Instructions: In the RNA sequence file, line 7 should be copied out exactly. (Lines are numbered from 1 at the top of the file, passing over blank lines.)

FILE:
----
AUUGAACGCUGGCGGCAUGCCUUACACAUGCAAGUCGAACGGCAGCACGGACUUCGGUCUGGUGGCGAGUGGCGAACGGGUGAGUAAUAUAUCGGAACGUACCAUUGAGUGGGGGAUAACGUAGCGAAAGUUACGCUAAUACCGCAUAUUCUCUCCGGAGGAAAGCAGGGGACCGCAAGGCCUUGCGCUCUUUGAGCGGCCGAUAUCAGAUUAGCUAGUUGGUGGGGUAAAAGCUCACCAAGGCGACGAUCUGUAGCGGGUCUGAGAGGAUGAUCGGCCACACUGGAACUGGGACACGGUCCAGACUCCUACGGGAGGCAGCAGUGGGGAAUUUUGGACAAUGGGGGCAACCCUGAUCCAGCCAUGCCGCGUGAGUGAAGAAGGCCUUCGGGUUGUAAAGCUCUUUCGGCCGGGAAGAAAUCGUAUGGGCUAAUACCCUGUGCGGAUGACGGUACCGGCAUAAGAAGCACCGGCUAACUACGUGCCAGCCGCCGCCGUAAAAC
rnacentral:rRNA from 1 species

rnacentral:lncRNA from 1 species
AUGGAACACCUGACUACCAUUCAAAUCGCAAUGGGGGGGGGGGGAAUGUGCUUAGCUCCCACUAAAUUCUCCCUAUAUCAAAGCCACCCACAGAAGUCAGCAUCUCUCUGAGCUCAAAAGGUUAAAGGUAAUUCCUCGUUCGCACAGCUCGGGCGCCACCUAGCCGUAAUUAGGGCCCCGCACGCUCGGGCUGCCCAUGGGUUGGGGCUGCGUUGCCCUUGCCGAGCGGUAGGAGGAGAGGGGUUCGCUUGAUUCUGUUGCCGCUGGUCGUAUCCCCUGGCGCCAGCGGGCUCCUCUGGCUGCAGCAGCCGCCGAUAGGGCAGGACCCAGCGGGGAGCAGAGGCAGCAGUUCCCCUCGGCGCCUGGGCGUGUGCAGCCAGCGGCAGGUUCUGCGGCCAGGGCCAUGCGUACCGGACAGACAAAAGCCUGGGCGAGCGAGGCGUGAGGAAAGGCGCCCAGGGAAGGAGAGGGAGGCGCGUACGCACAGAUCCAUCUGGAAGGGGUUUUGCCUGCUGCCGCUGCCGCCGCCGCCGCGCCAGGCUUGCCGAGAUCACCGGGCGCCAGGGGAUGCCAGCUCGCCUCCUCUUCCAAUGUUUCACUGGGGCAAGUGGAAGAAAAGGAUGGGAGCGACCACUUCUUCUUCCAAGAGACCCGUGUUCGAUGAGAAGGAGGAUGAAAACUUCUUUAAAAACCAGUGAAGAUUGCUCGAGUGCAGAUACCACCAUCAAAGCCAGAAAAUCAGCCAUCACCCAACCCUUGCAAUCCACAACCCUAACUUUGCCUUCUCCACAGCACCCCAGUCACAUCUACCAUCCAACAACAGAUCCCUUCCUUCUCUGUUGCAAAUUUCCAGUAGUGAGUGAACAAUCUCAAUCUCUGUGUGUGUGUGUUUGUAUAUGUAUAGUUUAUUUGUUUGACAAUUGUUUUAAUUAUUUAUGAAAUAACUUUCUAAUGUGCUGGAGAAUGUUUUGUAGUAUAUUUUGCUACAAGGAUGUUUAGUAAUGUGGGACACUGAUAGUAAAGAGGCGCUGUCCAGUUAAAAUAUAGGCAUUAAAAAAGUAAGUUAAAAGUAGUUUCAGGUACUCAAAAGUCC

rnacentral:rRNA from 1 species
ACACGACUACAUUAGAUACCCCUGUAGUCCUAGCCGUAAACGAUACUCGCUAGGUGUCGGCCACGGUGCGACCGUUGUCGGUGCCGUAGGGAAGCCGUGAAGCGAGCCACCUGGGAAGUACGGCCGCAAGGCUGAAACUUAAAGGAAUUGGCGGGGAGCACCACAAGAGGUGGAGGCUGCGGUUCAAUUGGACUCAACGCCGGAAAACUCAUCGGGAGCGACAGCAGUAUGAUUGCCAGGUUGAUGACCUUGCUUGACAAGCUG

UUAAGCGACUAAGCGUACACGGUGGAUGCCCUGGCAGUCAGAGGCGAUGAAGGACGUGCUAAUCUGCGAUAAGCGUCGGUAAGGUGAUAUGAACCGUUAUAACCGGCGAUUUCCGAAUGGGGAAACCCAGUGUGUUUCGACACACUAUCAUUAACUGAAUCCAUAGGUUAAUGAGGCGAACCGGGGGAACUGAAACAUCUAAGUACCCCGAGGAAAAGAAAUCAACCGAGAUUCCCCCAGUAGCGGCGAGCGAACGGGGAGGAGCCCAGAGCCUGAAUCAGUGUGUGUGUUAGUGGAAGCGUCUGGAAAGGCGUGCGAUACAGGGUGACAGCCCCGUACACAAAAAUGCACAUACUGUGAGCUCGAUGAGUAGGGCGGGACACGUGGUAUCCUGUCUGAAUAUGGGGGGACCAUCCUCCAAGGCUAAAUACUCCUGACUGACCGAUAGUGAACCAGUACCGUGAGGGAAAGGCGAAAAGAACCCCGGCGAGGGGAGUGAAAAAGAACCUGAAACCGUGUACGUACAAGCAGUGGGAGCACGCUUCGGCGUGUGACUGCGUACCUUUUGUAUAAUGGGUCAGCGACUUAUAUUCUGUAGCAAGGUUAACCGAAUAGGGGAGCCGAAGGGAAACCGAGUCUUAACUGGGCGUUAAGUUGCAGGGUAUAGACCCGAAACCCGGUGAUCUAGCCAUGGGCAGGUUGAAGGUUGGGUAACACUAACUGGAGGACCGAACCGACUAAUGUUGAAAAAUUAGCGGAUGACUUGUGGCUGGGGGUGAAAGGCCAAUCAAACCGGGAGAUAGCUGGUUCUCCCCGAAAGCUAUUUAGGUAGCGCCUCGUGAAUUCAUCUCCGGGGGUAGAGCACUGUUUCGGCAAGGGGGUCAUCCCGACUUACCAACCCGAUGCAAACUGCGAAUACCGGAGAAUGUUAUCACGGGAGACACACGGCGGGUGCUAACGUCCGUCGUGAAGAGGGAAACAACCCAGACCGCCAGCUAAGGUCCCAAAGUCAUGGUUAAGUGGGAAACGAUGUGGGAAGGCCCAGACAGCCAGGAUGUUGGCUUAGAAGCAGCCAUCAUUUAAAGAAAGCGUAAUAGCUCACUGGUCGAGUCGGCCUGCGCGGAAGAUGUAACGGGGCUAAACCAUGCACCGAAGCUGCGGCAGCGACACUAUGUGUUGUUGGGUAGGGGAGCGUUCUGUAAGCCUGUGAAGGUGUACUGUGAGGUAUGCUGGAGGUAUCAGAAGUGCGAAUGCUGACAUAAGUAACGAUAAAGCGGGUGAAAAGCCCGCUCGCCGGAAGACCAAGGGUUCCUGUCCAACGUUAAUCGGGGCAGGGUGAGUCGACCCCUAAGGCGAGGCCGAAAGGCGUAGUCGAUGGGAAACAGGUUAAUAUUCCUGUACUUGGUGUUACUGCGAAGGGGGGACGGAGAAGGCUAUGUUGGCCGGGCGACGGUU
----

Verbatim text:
UUAAGCGACUAAGCGUACACGGUGGAUGCCCUGGCAGUCAGAGGCGAUGAAGGACGUGCUAAUCUGCGAUAAGCGUCGGUAAGGUGAUAUGAACCGUUAUAACCGGCGAUUUCCGAAUGGGGAAACCCAGUGUGUUUCGACACACUAUCAUUAACUGAAUCCAUAGGUUAAUGAGGCGAACCGGGGGAACUGAAACAUCUAAGUACCCCGAGGAAAAGAAAUCAACCGAGAUUCCCCCAGUAGCGGCGAGCGAACGGGGAGGAGCCCAGAGCCUGAAUCAGUGUGUGUGUUAGUGGAAGCGUCUGGAAAGGCGUGCGAUACAGGGUGACAGCCCCGUACACAAAAAUGCACAUACUGUGAGCUCGAUGAGUAGGGCGGGACACGUGGUAUCCUGUCUGAAUAUGGGGGGACCAUCCUCCAAGGCUAAAUACUCCUGACUGACCGAUAGUGAACCAGUACCGUGAGGGAAAGGCGAAAAGAACCCCGGCGAGGGGAGUGAAAAAGAACCUGAAACCGUGUACGUACAAGCAGUGGGAGCACGCUUCGGCGUGUGACUGCGUACCUUUUGUAUAAUGGGUCAGCGACUUAUAUUCUGUAGCAAGGUUAACCGAAUAGGGGAGCCGAAGGGAAACCGAGUCUUAACUGGGCGUUAAGUUGCAGGGUAUAGACCCGAAACCCGGUGAUCUAGCCAUGGGCAGGUUGAAGGUUGGGUAACACUAACUGGAGGACCGAACCGACUAAUGUUGAAAAAUUAGCGGAUGACUUGUGGCUGGGGGUGAAAGGCCAAUCAAACCGGGAGAUAGCUGGUUCUCCCCGAAAGCUAUUUAGGUAGCGCCUCGUGAAUUCAUCUCCGGGGGUAGAGCACUGUUUCGGCAAGGGGGUCAUCCCGACUUACCAACCCGAUGCAAACUGCGAAUACCGGAGAAUGUUAUCACGGGAGACACACGGCGGGUGCUAACGUCCGUCGUGAAGAGGGAAACAACCCAGACCGCCAGCUAAGGUCCCAAAGUCAUGGUUAAGUGGGAAACGAUGUGGGAAGGCCCAGACAGCCAGGAUGUUGGCUUAGAAGCAGCCAUCAUUUAAAGAAAGCGUAAUAGCUCACUGGUCGAGUCGGCCUGCGCGGAAGAUGUAACGGGGCUAAACCAUGCACCGAAGCUGCGGCAGCGACACUAUGUGUUGUUGGGUAGGGGAGCGUUCUGUAAGCCUGUGAAGGUGUACUGUGAGGUAUGCUGGAGGUAUCAGAAGUGCGAAUGCUGACAUAAGUAACGAUAAAGCGGGUGAAAAGCCCGCUCGCCGGAAGACCAAGGGUUCCUGUCCAACGUUAAUCGGGGCAGGGUGAGUCGACCCCUAAGGCGAGGCCGAAAGGCGUAGUCGAUGGGAAACAGGUUAAUAUUCCUGUACUUGGUGUUACUGCGAAGGGGGGACGGAGAAGGCUAUGUUGGCCGGGCGACGGUU